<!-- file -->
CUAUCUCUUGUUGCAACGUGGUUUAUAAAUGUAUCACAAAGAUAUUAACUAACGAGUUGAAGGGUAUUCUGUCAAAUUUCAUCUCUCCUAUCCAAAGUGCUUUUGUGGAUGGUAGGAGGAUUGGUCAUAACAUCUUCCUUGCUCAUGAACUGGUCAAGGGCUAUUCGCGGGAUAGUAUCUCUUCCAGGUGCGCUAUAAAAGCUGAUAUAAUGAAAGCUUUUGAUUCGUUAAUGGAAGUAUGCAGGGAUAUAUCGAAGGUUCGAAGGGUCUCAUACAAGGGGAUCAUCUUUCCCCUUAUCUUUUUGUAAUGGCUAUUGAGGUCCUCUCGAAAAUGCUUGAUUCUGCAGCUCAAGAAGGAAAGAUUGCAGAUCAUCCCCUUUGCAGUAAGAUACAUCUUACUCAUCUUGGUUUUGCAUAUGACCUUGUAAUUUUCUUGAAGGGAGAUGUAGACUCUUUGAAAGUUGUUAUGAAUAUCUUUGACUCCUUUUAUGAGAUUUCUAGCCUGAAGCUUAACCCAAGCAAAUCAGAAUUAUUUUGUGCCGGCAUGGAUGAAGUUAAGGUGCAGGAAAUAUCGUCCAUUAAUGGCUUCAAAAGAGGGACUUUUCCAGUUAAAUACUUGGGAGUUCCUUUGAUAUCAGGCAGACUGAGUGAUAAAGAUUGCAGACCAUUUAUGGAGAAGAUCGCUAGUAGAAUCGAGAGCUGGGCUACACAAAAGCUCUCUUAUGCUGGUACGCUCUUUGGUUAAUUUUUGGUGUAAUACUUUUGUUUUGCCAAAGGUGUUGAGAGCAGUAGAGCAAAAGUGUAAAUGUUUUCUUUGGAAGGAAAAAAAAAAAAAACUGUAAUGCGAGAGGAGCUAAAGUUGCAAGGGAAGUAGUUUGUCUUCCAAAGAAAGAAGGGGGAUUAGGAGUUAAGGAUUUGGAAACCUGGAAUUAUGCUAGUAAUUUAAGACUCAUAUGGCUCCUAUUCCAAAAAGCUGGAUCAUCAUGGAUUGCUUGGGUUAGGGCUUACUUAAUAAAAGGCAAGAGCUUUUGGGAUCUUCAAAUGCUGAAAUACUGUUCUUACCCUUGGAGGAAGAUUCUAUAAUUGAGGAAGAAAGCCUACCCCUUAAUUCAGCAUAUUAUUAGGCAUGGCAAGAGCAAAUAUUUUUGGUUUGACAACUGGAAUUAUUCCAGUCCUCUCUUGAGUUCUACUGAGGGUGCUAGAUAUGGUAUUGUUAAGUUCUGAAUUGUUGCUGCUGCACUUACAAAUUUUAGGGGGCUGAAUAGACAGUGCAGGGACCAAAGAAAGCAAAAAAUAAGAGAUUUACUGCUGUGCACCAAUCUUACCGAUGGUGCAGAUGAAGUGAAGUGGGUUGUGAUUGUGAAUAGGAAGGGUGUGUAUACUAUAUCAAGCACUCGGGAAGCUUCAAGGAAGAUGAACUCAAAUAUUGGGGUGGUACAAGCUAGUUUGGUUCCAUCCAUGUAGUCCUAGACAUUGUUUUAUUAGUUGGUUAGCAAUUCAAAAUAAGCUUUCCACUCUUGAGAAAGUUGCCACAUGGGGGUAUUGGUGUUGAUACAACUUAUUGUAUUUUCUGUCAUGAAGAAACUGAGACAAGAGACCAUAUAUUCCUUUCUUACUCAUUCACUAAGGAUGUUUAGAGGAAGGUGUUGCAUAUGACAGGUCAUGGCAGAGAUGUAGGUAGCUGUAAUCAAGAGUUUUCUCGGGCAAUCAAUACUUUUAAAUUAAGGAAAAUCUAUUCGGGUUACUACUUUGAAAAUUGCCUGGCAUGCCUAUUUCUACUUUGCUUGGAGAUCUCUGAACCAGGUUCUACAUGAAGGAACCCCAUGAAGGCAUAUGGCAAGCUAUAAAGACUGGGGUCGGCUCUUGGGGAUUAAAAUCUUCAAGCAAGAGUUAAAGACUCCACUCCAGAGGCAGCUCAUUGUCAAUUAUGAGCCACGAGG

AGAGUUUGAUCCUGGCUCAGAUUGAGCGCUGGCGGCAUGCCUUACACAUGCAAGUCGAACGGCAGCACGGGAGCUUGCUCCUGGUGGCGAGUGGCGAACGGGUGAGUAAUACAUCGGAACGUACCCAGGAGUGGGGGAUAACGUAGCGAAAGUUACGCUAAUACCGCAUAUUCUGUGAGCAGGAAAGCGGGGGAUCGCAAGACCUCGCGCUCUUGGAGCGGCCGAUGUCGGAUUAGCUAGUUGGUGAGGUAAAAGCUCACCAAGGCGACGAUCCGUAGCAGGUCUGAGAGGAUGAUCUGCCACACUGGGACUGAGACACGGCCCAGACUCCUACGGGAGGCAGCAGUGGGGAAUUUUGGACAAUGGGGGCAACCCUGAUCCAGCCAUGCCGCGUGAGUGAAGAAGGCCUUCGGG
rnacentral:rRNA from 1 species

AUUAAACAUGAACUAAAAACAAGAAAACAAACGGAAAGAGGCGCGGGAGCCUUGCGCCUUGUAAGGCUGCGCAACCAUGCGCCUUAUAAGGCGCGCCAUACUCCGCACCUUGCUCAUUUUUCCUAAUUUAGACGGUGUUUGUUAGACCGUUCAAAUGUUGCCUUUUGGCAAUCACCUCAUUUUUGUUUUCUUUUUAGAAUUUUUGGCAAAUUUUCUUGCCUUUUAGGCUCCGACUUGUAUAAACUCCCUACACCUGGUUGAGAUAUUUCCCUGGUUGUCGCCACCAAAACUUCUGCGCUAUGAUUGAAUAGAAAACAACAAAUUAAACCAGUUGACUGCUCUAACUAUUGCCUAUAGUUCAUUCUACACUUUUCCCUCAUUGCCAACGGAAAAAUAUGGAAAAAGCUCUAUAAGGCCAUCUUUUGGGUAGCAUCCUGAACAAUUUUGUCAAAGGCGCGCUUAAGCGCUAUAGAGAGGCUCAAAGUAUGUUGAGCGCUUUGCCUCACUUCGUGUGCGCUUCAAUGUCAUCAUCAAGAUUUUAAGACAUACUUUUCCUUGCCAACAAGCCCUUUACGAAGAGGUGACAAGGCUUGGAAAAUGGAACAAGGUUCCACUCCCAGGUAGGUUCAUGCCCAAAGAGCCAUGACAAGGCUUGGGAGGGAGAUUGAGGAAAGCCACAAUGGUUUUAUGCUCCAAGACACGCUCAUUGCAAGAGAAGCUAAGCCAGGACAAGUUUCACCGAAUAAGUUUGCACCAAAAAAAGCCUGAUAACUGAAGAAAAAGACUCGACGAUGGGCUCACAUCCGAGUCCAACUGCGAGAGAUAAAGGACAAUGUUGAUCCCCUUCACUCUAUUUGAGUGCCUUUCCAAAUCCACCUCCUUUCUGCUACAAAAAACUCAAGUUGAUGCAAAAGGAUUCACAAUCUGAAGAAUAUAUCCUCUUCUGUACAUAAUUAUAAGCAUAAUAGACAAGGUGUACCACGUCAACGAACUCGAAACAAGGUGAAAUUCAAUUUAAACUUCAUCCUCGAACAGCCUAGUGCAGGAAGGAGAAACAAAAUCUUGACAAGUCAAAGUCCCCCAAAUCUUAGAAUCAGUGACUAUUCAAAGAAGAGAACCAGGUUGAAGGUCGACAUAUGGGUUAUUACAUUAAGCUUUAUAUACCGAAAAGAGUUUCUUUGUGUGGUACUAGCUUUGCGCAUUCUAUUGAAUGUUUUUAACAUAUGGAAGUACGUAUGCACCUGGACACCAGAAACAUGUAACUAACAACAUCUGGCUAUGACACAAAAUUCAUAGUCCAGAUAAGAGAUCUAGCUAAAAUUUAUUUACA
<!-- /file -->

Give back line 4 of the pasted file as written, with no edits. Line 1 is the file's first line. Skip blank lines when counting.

AUUAAACAUGAACUAAAAACAAGAAAACAAACGGAAAGAGGCGCGGGAGCCUUGCGCCUUGUAAGGCUGCGCAACCAUGCGCCUUAUAAGGCGCGCCAUACUCCGCACCUUGCUCAUUUUUCCUAAUUUAGACGGUGUUUGUUAGACCGUUCAAAUGUUGCCUUUUGGCAAUCACCUCAUUUUUGUUUUCUUUUUAGAAUUUUUGGCAAAUUUUCUUGCCUUUUAGGCUCCGACUUGUAUAAACUCCCUACACCUGGUUGAGAUAUUUCCCUGGUUGUCGCCACCAAAACUUCUGCGCUAUGAUUGAAUAGAAAACAACAAAUUAAACCAGUUGACUGCUCUAACUAUUGCCUAUAGUUCAUUCUACACUUUUCCCUCAUUGCCAACGGAAAAAUAUGGAAAAAGCUCUAUAAGGCCAUCUUUUGGGUAGCAUCCUGAACAAUUUUGUCAAAGGCGCGCUUAAGCGCUAUAGAGAGGCUCAAAGUAUGUUGAGCGCUUUGCCUCACUUCGUGUGCGCUUCAAUGUCAUCAUCAAGAUUUUAAGACAUACUUUUCCUUGCCAACAAGCCCUUUACGAAGAGGUGACAAGGCUUGGAAAAUGGAACAAGGUUCCACUCCCAGGUAGGUUCAUGCCCAAAGAGCCAUGACAAGGCUUGGGAGGGAGAUUGAGGAAAGCCACAAUGGUUUUAUGCUCCAAGACACGCUCAUUGCAAGAGAAGCUAAGCCAGGACAAGUUUCACCGAAUAAGUUUGCACCAAAAAAAGCCUGAUAACUGAAGAAAAAGACUCGACGAUGGGCUCACAUCCGAGUCCAACUGCGAGAGAUAAAGGACAAUGUUGAUCCCCUUCACUCUAUUUGAGUGCCUUUCCAAAUCCACCUCCUUUCUGCUACAAAAAACUCAAGUUGAUGCAAAAGGAUUCACAAUCUGAAGAAUAUAUCCUCUUCUGUACAUAAUUAUAAGCAUAAUAGACAAGGUGUACCACGUCAACGAACUCGAAACAAGGUGAAAUUCAAUUUAAACUUCAUCCUCGAACAGCCUAGUGCAGGAAGGAGAAACAAAAUCUUGACAAGUCAAAGUCCCCCAAAUCUUAGAAUCAGUGACUAUUCAAAGAAGAGAACCAGGUUGAAGGUCGACAUAUGGGUUAUUACAUUAAGCUUUAUAUACCGAAAAGAGUUUCUUUGUGUGGUACUAGCUUUGCGCAUUCUAUUGAAUGUUUUUAACAUAUGGAAGUACGUAUGCACCUGGACACCAGAAACAUGUAACUAACAACAUCUGGCUAUGACACAAAAUUCAUAGUCCAGAUAAGAGAUCUAGCUAAAAUUUAUUUACA